Sunday, January 13, 2008

Missile Launch - A Meditative Experience

I was deep in meditation, sitting in a Burmese position for over an hour. I had no usual sweet swirling feeling on my head. My attention was focused on the third eye and crown chakra with very little thought popping in and out of my mental screen. To meditate without any intruding thought is still very difficult for me, but I manage to fend off most of them, keep them at bay without interfering my sense of tranquility.

All of a sudden, my entire being was vibrating and I felt I was catapulted upward as if a rocket was launched into space. I sensed the motion of spiraling towards the sky, when I looked down, the earth was dizzily whirling smaller and smaller beneath. Gradually I reached a higher altitude, and started falling down from above the cloud. As I slowly sky diving, I watched the barren sandy field, the stream and the waterfall got larger and closer to the ground. As my feet touched the solid earth, all the scene of desert, sand dung, the tiny stream vanished in an instant. I was back to my senses and found myself still in a sitting meditative posture and my mind immediately conjured up the phrase "Missile launch". The entire scenario lasted only seconds.

Saturday, January 05, 2008

Buddha - A Novel from Deepak Chopra

When I got hold of this book a week ago, I wasn't convinced of anyone who lives in the 21st century largely insulated by modern technology and everyday convenience would have the necessary insight and penetrating understanding of how Buddha stumbled and struggled to achieve enlightenment in an era of hard and difficult living.

The name of Buddha is now a term universally recognized in four corners of the world. I can imagine the challenge of accurately portraitng a being vastly beyond our comprehension and is consider a supreme God in some culture. Well, I wasn't disappointed of Chopra's accomplishment. The story is very well plotted, but much more amazing feat is the Buddha's teaching weaving seamlessly in the tale of adventure seeking to end suffering for all humanity.

The book is read like a beautiful poem, blending philosophy, psychology and metaphysics in a panorama of mankind's evolution condensed and culminated in Buddha's life. Some sections of the story is like Zen meditation, it's paradoxical and yet it rings true to our inner self. I have to read several times to grasp it's profound meaning. The book is delightful to read as it is inspirational to the musing of the mind.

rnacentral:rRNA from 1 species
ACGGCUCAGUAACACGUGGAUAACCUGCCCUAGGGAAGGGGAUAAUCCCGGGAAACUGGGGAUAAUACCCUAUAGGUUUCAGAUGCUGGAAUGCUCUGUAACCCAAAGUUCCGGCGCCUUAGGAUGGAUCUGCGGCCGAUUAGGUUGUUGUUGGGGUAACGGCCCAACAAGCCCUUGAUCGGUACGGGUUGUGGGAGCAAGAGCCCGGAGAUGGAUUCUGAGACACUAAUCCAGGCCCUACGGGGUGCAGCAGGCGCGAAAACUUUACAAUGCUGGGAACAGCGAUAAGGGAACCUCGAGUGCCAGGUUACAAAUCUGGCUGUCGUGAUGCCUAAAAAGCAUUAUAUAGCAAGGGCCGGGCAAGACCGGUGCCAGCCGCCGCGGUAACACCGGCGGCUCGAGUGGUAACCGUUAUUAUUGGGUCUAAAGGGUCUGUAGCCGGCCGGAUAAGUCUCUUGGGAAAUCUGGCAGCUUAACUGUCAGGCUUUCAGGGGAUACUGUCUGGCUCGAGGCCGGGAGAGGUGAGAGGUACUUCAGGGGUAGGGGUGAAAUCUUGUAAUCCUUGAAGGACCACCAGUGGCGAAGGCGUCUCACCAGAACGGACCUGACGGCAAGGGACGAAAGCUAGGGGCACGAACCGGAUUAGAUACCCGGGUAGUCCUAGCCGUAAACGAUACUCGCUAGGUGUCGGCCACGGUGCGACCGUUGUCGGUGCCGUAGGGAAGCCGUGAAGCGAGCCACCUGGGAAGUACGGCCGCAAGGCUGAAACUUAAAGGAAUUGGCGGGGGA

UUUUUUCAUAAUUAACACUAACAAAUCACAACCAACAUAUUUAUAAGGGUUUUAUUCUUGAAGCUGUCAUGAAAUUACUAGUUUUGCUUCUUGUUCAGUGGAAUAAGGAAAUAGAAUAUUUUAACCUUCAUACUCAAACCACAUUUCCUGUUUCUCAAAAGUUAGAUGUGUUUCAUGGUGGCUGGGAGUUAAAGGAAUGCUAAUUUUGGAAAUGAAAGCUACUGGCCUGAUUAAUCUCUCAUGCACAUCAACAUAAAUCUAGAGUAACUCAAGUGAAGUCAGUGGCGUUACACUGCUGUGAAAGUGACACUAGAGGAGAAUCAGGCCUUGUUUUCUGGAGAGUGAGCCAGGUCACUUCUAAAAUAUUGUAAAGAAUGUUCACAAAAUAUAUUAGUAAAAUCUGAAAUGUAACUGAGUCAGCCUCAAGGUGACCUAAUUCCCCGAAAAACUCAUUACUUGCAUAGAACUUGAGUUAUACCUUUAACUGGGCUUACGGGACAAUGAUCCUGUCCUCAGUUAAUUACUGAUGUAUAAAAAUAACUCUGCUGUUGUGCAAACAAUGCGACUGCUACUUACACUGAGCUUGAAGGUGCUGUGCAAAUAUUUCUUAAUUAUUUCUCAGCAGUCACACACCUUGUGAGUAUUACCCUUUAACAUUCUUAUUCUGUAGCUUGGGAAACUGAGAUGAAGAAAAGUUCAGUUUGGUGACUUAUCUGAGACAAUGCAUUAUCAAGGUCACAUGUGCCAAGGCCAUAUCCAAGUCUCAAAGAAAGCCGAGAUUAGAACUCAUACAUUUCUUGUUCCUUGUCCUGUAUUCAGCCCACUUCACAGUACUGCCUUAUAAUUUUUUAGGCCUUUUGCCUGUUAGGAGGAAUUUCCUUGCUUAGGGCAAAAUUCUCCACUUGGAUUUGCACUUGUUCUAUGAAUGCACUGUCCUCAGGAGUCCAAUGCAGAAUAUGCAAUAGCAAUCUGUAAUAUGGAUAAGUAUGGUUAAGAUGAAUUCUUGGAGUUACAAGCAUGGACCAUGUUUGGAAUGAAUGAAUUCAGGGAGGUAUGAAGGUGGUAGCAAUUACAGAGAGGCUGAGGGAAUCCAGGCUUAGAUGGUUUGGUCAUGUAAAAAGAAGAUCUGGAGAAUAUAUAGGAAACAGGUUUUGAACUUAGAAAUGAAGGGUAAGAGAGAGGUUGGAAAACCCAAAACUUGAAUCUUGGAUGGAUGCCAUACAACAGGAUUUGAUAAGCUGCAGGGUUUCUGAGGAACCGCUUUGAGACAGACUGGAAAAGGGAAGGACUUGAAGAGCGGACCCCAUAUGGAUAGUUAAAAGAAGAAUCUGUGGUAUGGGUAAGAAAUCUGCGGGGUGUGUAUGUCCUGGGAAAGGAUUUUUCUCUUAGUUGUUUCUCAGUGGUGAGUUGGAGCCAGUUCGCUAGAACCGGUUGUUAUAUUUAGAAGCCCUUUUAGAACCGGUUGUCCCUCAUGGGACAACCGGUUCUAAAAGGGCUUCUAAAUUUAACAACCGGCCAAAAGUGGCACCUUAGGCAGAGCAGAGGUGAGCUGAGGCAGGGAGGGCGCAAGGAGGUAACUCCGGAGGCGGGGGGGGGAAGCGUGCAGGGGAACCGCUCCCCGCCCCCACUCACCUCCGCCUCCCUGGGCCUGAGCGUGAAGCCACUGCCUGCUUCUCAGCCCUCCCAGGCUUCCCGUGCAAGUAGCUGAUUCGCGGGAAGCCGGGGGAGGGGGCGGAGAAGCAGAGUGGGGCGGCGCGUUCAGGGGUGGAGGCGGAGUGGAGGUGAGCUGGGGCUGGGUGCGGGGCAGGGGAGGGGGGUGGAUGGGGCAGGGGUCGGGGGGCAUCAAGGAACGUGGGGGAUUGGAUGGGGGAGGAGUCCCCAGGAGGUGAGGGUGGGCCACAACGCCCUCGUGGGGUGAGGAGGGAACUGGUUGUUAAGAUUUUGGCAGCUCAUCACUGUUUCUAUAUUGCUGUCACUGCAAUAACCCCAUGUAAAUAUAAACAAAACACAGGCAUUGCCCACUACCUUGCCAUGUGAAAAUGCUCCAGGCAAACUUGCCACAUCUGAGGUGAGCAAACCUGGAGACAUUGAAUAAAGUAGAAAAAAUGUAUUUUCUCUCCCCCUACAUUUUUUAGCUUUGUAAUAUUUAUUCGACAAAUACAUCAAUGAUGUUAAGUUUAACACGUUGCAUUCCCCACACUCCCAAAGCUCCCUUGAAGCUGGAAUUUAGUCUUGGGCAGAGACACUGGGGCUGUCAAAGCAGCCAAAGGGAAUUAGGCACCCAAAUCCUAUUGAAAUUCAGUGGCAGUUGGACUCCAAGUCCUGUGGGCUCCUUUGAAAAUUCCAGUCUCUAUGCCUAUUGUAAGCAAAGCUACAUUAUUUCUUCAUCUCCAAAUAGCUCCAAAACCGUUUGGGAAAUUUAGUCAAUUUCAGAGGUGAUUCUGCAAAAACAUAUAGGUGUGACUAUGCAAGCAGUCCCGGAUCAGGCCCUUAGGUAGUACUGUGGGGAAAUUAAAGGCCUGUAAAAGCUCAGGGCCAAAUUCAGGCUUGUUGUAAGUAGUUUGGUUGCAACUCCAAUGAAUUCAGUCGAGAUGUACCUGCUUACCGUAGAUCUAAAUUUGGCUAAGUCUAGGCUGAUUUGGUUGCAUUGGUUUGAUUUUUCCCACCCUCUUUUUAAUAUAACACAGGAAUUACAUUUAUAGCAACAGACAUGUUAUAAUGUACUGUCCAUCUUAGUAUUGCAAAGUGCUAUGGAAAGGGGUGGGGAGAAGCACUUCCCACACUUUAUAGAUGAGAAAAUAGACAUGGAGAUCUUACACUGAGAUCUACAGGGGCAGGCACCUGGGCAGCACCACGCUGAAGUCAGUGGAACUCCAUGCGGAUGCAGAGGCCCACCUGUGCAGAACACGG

Tuesday, January 01, 2008

Spiritual Warrior !?

Whenever I look into the subject of spiritual advancement, I encountered several times a curious term called 'Spiritual Warrior", describing a fearless composure of an adept battling one's ego to reach higher order of mental plane. The term is oxymoron and it is kind of like saying a person is "cruel kindness", or "benevolent dictator", quite self contradictory in my humble opinion.

The history of mankind is riddled with conflict, dispute and warfare, it is hardly an appropriate way to label a person "warrior" when one's lofty goal in life is simply to achieve a sense of oneness, peace and tranquility in harmony with one's environment and to broaden the capacity of empathy in one's daily encounters.

After all, the major advancement in spirituality is not about doing battle with others externally or dragon slaying of our personal sin complex internally. It is more like letting go of our self- important ego; the ego that prevent us from seeing others as ourselves. A person who walks on the path of self discovery is merely trying to polish a mirror filled with a thick layer of greasy dust accumulated over thousands of years. Underlying that filthy dust, lies a shining, glittering mirror of perfection, some call it our "Buddha Nature".

The way I see it, the words of "Spiritual Warrior" probably come from our warring nature in the affair of the world. We seem to be constantly doing battle either with ourselves or with others. In this context, the realm of spiritual is considered one of the invisible domains that can be conquered at will by the earnest devotee. But still, "spiritual warrior" is unequivocally paradoxical to my understanding of the way of the spirit.